The Moroccan company Nareva Holding and German company Siemens signed a contract for the delivery of a total of 44 wind turbines for the plant of Haouma - close to Tanger in the north of Morocco - and the plant at Foum El Oued. Siemens claims that the Foum El Oued delivery was to a place "9 km south east of the port of Laâyoune in Southern Morocco."
What is not stated in the press release from Siemens, is that the latter is in fact located close to El Aaiun, the capital of Western Sahara, occupied by Morocco since 1975.
"These two orders show that the internationalization strategy of Siemens is successful," stated Felix Ferlemann, CEO of the Siemens Wind Power Division.
Western Sahara Resource Watch, however, finds Siemens’s activity in Western Sahara troublesome.
“Siemens’s investments in plant Foum El Oued must be stopped. The Saharawi people, the real owner of the land, haven’t been consulted. Nareva Holding is a Moroccan company that should not negotiate with goods and land that it does not itself own”, stated Erik Hagen of Western Sahara Resource Watch.
“The military presence of the Moroccan armed forces in the Saharawi windy areas could provide for protection of Siemens renewable energy business but that will hardly prove to be sustainable. Siemens should reconsider its values and ethics before contributing to support a regime with no legal rights to the territory - a regime which carries out severe human rights violations against the people of the territory where the Siemens wind project will be located”, stated Hagen.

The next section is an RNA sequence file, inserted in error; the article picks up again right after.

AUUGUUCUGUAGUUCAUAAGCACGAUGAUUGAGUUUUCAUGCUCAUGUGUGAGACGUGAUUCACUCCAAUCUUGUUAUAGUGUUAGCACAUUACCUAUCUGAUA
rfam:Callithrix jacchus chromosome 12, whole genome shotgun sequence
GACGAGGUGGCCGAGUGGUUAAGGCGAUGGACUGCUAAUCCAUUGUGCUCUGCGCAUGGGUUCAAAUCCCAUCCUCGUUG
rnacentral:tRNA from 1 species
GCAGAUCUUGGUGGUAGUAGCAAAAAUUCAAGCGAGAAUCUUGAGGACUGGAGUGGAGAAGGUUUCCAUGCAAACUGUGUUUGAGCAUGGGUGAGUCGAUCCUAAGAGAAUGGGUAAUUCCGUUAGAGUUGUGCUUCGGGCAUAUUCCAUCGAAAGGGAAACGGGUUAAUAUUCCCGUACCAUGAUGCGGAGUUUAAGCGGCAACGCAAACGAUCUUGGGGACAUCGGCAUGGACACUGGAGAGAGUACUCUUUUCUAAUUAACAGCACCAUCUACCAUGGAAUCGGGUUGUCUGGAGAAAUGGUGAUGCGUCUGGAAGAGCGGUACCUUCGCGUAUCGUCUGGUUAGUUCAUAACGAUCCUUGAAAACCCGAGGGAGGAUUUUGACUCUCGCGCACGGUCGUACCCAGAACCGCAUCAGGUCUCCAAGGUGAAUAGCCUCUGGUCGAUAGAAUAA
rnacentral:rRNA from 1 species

At the moment, Morocco is the second biggest market for wind turbines in Africa, after Egypt. The Moroccan Electricity National Company has planned more investments in this energy branch for the coming years and some weeks ago has announced another international contest for providing 850 windy MW.
Morocco occupies the major part of its neighbouring country, Western Sahara. Entering into business deals with Moroccan companies or authorities in the occupied territories gives an impression of political legitimacy to the occupation. It also gives job opportunities to Moroccan settlers and income to the Moroccan government. Western Sahara Resource Watch demands foreign companies leave Western Sahara until a solution to the conflict is found.
It's not easy keeping up with all the different legal proceedings relating to Western Sahara. For the sake of clarity, here's an overview of the five different cases at the Court of Justice of the European Union.
Leading activists from Western Sahara are condemned to sentences ranging from 20 years to life imprisonment in connection to a mass protest in 2010 denouncing the Saharawi people’s social and economic marginalization in their occupied land; the Gdeim Izik protest camp.
At COP22, beware of what you read about Morocco’s renewable energy efforts. An increasing part of the projects take place in the occupied territory of Western Sahara and is used for mineral plunder, new WSRW report documents.